We work at the grassroots level throughout the Muslim World to counter violent extremism before it takes hold, to promote tolerance and understanding, and to foster better relations with the United States.
A few days ago marked my one-month anniversary of arriving in Palestine, and as I reflect on this past month I am overwhelmed at all I have seen, heard and learned. It is impossible to separate daily life here from the political climate in which we live, and the Israeli military occupation of the Palestinian territories pervades almost every aspect of my experience.
However, my volunteer work with Project Hope has shown me a side of Palestinian life that many outsider observers would miss. I am teaching English classes ranging from kindergarten children to middle-aged mothers, and assisting the director of a choir at the Edward Said National Conservatory of Palestine. Each class has its own character: my middle school class at the Sama Club loves worksheets and word searches, my women’s class at the Hamdi Manko center likes to go through their children’s textbooks to answer their own questions, and my private vocal students are working on a duet, “Dream a Little Dream of Me.” Even inside the classroom though, it is difficult to escape politics; an unassuming conversation about marriage customs may end in a story about a wedding held under an Israeli-imposed curfew, and a lesson about travel might transform into an account of a canceled trip due to the restrictions faced by citizens living under occupation.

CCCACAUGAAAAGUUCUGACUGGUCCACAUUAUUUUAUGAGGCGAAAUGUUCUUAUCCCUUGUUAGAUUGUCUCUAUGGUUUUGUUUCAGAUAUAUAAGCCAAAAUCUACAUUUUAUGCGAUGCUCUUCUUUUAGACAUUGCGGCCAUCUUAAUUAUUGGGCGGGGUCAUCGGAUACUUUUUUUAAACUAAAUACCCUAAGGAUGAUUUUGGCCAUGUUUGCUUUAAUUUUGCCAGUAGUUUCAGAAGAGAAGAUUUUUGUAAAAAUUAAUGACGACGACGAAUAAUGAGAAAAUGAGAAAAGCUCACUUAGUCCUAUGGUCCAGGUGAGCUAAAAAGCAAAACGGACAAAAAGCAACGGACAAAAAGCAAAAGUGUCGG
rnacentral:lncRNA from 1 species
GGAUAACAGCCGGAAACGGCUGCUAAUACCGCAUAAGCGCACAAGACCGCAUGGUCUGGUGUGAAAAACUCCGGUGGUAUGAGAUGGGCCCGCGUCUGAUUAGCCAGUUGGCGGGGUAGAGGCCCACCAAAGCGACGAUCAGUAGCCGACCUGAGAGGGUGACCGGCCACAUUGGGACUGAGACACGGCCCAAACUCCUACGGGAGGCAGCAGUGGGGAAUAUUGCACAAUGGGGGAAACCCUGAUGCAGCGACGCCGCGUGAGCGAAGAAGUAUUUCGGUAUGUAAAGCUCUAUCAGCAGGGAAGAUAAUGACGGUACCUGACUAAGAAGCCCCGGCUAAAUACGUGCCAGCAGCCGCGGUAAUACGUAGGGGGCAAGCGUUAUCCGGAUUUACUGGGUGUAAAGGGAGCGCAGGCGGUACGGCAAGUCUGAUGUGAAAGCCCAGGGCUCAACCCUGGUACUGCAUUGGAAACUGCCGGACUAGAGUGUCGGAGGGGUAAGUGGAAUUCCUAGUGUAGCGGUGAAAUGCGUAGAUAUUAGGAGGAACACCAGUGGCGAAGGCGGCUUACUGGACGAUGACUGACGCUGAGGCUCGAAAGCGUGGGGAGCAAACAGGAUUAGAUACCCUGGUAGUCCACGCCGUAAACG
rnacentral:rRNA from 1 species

And yet, my students are carrying on with a life removed from the protests rocking the West Bank in recent days. My kindergarteners are still coloring outside of the lines, my high school boys are still watching every Barcelona and Real Madrid match, and my mothers are still cooking dinner and helping their children with their homework. In spite of the incredible injustices and challenges they face, my students are pursuing dreams and love and success and optimism. One of my students, Wael, is studying Biology and is currently preparing a presentation on genetics; another one, Hala, is hoping to work as a translator after she finishes her studies.
Working with them has revealed the other side to me, and I see more clearly the tremendous degree of nuance at play in this region. Nothing is black and white, and politics is marbled into the social and cultural fabric of every population. The lives of my students in Palestine are no exception, and their studies and efforts under such extreme duress are inspiring. Each class with them is another flower blooming from the cracks in the sidewalk.